Today’s post is about the “Snow White” 70th Anniversary Event held over the weekend at DCA. I figured it was time for a break from the House of the Future, and what better topic than that of the gal who saved the studio in 1937 and put Disney on the map with the big boys? The panel discussion was fantastic; to have Roy Disney, Alice Davis, and Marge Champion in the same room was amazing. Before the discussion, artist Noah was on hand, airbrushing a painting of the Evil Queen, the Magic Mirror, and Snow White (who was only visible under black light).
It was great to hear from Roy & Marge (Glen in the middle); Roy spoke of Walt’s amazing storytelling abilities, and reminisced how when he was a little boy, recovering from the chicken pox, Walt came to his room and told him the full story of “Pinocchio,” which was being made at the studio at that time. Roy said he spent at least 20-30 minutes, weaving the tale as only Walt could. Roy also said how disappointed he was when he saw the film, because Walt’s version, told to him in his bedroom was much more exciting!
Marge gave a few lively stories, and was probably the most fun of the bunch to hear from. No publicity was given of her role in the film when it was released; Disney wanted to downplay the “tracing” or rotoscoping that was involved with the production. So, behind the scenes, beginning with her audition in 1935 at the age of 13, Marge danced (Walt wanted a dancer, not necessarily an actress) and emoted while the cameras captured her movements for the animators.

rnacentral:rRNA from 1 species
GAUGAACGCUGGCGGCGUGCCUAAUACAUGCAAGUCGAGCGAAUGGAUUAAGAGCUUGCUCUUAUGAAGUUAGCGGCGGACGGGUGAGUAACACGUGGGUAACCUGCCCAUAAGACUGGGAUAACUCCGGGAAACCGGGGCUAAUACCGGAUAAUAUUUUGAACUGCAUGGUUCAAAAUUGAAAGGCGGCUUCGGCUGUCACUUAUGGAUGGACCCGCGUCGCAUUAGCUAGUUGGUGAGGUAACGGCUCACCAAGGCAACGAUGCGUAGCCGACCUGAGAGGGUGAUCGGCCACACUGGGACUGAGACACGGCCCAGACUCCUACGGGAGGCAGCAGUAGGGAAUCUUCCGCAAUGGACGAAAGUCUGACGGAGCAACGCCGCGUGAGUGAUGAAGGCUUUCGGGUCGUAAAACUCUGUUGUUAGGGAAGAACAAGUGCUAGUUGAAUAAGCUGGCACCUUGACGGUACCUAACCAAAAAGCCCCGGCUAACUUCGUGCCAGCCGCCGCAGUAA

When asked about the premiere, she remembered being put up in the balcony, while Shirley Temple was down below, front and center. “She didn’t even have anything to do with the film!” “Damn Shirley!” commented moderator Don Hahn to audience chuckles.
Disney legend Alice Davis was also there, sitting in the front row. She took the mike a few times and told how “Snow White” was her husband Marc’s favorite Disney film. She also gave credit to Frank Churchill’s music, which was totally ignored the entire evening until Alice gave her kudos.
If you happen to be at the park, I highly recommend the exhibit that is at DCA’s Art of Animation Building; many very cool sketches and cels, detailing the production of “Snow White.”
The movie was shown up on the big screen, with John Lasseter doing the intro. I must say that even 70 years later, the sound and picture still pack a wallop!
In this day and age of digital and high tech, it may be difficult to comprehend how revolutionary this full-length feature animation movie was in its day, but it definitely was a phenomenon. Merchandise was insane; bowls, sheet music, and figurines to name just a few. Many thanks to Mike Ellis for sharing his collection.
And although I do not like to think about Christmas until after Thanksgiving, the castle sure does look purty!
Hopefully you enjoyed my coverage of Snow; back to regular biz tomorrow. See more Snow White 70th Anniversary Event photos on my regular website.
|Add to Technorati Favorites||Add me to your del.icio.us network|